As an entrepreneur and a Denver native, I took immense pride in building the headquarters for my company, Guild, in the heart of my hometown.
But I’m certain that, going forward, Denver will be more of our spiritual headquarters than an actual one. I’ve come to believe that traditional headquarters are a thing of the past.
Last summer, we watched companies launch, retract, and swirl over their return-to-office policies. Meanwhile, other organizations declared they were fully remote with no intention of reconvening. Our company decided we wanted to do things differently, and sought a third way.
We imagined a world where we’d whiteboard with our colleagues again—especially after two long years of being strictly remote—but we also had come to love much of the current flexibility of remote work. We wanted to build for the long haul, beyond the horizon of the pandemic and into the future of work.
We wanted to incorporate a sustainable digital world but one that still honored the present. And we resisted the idea that some jobs were virtual forevermore while others ought to return to their desks as soon as it’s safe to do so.
What we realized: The answer was in how we spent our working hours.
Here’s how we think about it.
- Heads down work is what has thrived under COVID conditions: writing, coding, email correspondence, heavy focus time. This type of work doesn’t require an office or other people, and sometimes it might even be easier to get done outside of that setting.
- Heads up work is more collaborative and team-oriented, and best done in person. Think: A sales kickoff, a product brainstorm, or a planning session with marketing, communications, and policy teams.
And perhaps most importantly, we realized that every role at the company had a blend of heads down and heads up work. Many people are 95%/5% and will primarily convene for team gatherings and on-sites, while partner-facing teams are eagerly returning to significant amounts of heads up time in the office and on-site with our partners.
To sort it out, we’ve empowered our teams, asking each leader to think through the right ratio of heads up and heads down work for their teams. We’ve also asked individuals to think about their roles and responsibilities—and their goals—as they plan their time.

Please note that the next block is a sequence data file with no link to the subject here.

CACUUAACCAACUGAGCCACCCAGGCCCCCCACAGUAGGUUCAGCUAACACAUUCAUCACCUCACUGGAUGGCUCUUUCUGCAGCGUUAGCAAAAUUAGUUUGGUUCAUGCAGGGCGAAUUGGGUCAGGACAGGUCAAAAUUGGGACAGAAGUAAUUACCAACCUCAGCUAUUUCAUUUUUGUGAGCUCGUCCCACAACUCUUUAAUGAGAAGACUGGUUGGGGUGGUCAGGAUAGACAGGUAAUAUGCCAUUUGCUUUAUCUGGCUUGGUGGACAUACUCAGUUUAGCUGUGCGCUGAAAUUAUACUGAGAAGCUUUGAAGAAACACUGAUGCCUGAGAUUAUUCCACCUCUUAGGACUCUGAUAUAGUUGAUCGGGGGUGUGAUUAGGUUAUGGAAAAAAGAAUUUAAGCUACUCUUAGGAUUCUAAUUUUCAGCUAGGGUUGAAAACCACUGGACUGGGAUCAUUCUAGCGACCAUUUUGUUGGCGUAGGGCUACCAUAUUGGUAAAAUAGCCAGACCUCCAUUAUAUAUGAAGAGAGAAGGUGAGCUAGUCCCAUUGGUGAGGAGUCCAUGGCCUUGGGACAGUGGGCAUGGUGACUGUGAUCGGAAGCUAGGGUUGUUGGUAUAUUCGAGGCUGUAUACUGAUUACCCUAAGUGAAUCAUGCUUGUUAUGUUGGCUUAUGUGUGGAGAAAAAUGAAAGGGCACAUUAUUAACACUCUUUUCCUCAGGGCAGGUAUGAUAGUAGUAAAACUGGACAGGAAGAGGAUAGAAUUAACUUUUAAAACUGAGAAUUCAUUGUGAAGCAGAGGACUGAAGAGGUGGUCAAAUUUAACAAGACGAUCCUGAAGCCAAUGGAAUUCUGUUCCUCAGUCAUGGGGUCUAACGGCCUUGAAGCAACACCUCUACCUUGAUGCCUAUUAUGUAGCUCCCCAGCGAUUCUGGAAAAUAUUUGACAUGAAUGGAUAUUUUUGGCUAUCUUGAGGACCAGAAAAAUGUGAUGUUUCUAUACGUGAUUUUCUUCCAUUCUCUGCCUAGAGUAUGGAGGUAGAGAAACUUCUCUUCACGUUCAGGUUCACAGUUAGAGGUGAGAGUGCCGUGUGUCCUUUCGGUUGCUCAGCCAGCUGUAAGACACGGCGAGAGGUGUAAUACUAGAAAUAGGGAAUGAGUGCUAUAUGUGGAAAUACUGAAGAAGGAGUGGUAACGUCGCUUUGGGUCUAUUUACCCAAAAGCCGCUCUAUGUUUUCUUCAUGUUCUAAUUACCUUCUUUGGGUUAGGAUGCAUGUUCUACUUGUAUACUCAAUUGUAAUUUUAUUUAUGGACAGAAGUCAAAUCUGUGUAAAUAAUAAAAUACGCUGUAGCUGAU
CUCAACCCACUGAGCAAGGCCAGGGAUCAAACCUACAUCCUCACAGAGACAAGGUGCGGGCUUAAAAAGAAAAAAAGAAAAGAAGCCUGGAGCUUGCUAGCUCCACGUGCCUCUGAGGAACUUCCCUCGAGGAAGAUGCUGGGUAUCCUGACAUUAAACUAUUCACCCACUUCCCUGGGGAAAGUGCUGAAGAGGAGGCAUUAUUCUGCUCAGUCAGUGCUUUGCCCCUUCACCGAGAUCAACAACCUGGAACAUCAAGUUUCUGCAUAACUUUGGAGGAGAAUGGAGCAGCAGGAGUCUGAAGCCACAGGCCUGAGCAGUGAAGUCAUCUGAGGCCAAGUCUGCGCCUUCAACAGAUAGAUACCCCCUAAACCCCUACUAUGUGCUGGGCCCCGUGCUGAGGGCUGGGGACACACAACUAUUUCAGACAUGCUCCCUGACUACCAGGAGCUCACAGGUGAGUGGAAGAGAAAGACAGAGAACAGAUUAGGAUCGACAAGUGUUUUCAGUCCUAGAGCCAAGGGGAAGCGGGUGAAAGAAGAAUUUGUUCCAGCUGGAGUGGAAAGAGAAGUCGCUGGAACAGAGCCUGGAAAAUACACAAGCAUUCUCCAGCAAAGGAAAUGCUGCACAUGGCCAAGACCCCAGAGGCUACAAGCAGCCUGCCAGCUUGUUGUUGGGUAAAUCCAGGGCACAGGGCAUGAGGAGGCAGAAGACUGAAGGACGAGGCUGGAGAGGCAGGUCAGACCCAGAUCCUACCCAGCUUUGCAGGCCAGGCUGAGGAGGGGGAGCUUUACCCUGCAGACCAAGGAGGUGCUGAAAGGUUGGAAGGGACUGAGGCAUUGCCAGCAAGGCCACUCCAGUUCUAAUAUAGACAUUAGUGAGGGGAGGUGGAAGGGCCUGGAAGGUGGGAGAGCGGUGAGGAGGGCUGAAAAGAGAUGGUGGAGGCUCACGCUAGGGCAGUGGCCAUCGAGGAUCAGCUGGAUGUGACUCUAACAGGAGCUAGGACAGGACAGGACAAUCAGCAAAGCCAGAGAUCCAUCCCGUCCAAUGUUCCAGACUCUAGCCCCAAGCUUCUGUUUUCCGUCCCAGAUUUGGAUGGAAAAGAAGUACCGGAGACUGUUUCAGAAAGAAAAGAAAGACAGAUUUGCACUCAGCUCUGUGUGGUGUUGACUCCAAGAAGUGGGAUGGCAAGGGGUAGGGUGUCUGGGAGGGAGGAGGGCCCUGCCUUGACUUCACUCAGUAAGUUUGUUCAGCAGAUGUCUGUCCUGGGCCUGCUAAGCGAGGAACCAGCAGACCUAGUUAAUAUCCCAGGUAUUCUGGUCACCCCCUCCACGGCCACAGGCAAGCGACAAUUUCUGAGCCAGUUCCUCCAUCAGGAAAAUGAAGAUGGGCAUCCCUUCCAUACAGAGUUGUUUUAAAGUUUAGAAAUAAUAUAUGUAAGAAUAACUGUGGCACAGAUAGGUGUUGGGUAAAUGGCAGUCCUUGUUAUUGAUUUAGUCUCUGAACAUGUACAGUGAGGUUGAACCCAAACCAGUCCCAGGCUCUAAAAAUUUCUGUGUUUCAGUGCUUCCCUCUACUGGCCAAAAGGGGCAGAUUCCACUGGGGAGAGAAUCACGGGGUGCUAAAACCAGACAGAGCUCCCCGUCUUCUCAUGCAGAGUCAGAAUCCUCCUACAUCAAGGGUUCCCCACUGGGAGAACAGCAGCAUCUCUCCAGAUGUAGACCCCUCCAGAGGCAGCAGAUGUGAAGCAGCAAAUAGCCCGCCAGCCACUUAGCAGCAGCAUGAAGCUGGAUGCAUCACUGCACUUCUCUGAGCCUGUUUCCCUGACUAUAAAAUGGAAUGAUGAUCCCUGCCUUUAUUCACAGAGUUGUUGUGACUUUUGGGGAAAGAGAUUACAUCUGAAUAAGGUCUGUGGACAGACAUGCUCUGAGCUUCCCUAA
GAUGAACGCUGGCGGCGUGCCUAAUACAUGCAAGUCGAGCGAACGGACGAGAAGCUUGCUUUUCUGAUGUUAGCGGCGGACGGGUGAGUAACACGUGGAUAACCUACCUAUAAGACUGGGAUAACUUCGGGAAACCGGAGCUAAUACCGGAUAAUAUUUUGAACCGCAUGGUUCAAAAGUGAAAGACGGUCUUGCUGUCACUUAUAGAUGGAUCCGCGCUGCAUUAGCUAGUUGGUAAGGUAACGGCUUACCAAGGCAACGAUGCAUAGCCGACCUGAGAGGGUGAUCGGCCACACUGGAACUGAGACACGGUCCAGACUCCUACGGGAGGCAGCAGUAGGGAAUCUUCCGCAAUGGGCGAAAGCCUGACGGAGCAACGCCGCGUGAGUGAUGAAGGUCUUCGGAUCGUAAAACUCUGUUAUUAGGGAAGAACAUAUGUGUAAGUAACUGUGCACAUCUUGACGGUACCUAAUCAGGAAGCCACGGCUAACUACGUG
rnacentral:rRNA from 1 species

Many companies have aimed for a top-down, command and control model of answering this question.
As tempting as that might be, it’s both more complicated and less effective. More importantly, it designs only for the future of work, not the future of workers. With more than 1,300 employees, we’ve found that an empowered and flexible model works far better than any more rigid system we might design.
Our offices are now primarily retreats for heads up work. We now host on-sites in Denver near weekly for different teams, but desks are fairly irrelevant. In a few weeks, we’ll gather nearly all of our team members, from all over the country, for what we are calling Guild IRL (in real life!) — a two-day internal summit that will mix big ideas with human connection.
Since we launched our approach last summer, we are seeing results, even amid fears of a greater resignation recession. We’ve had a 1.9% quarterly attrition rate at Guild, annualized to a 7.6% turnover, far lower than our industry and the nation as a whole. We believe this third way is what employers are seeking, and they’re staying with Guild as we navigate it together.
This strategy is also helping us diversify our workforce.
When the pandemic started, we were roughly 500 employees, entirely based in Denver. Today, we’re about three times the size, with colleagues from Waukesha, Wisconsin, and Atlanta, Georgia, alike. And our team is more diverse. Over the past 6 months, nearly 40% of our new hires came from underrepresented communities, and 40% of our team lives somewhere other than Denver.
These outcomes have all been bolstered by an early-COVID decision to pay according to national pay scales. We have differentiation for hard-to-fill roles, but not for hard-to-afford zip codes. We’ve watched too many companies hem and haw about geographic pay rates this year. While local pay is certainly justified for roles that require workers to live in a certain place, the contorted justifications for paying remote engineers a different rate based on their zip code have run out of steam.
Another important part of our compensation philosophy is a best-in-class benefits package aimed to differentiate based on employees’ needs. We provide robust education and skilling programs, $0 contribution healthcare plans, comprehensive mental health services, and family benefits that include daycare and IVF.
We’re not perfect, and we’re still iterating on all of this. In fact, I don’t think the iteration on our ways of working and supporting employees will ever stop—nor should it.
What I know for sure is that our office will never be the same. And that’s just how it should be.
Rachel Romer Carlson is the CEO and cofounder of Guild Education.